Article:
Before you run out and pick up a few bank gift cards for your pickier family and friends this holiday season, be sure you know what you’re getting yourself into first.
Banks have a history of riddling the cards with hidden fees and charges, but new consumer-driven regulations have cracked down on such practices.
LA Times’ reporter Scott J. Wilson lays out exactly what you need to know:
“Bank gift cards can’t expire for at least five years after purchase, according to the new federal rules. And if money is added to a card, that new money can’t expire for five years from the date added, even if the expiration date on the card comes sooner.
If the card expires before the added money does, you can get a replacement card from the issuer for no charge.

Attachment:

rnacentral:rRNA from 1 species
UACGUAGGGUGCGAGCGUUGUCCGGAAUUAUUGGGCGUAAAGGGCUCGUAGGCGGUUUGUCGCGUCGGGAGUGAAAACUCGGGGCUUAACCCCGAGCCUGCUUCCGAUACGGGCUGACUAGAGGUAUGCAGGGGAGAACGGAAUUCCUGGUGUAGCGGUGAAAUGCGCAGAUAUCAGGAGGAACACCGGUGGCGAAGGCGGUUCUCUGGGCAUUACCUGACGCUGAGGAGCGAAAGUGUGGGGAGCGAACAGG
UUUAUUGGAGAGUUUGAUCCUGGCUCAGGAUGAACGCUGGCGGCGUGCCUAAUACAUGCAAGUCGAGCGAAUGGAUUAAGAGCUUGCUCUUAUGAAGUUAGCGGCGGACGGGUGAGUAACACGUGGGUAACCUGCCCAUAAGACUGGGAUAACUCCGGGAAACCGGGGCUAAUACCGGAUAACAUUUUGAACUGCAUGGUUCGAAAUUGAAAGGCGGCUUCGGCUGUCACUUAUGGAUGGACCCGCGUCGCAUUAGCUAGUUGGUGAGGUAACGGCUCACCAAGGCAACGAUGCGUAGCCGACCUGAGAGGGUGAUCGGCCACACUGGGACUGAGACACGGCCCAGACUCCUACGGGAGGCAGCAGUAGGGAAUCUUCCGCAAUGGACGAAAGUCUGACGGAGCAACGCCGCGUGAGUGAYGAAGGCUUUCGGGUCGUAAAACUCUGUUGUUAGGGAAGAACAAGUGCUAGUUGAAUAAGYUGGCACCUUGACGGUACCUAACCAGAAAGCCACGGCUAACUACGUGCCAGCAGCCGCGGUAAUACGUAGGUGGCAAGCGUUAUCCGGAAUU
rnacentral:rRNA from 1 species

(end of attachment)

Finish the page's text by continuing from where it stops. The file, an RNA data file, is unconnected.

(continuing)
You cannot be charged an ‘inactivity’ or ‘dormancy’ fee on a bank gift card unless it has not been used for 12 months. Even then, you can be charged only one fee per month.”
Banks can still charge fees for purchasing the cards, however. For more of Wilson’s tips, check out the full story here.
If you’re unsure about your bank’s gift card policy, don’t be afraid to ask and always read the fine print.
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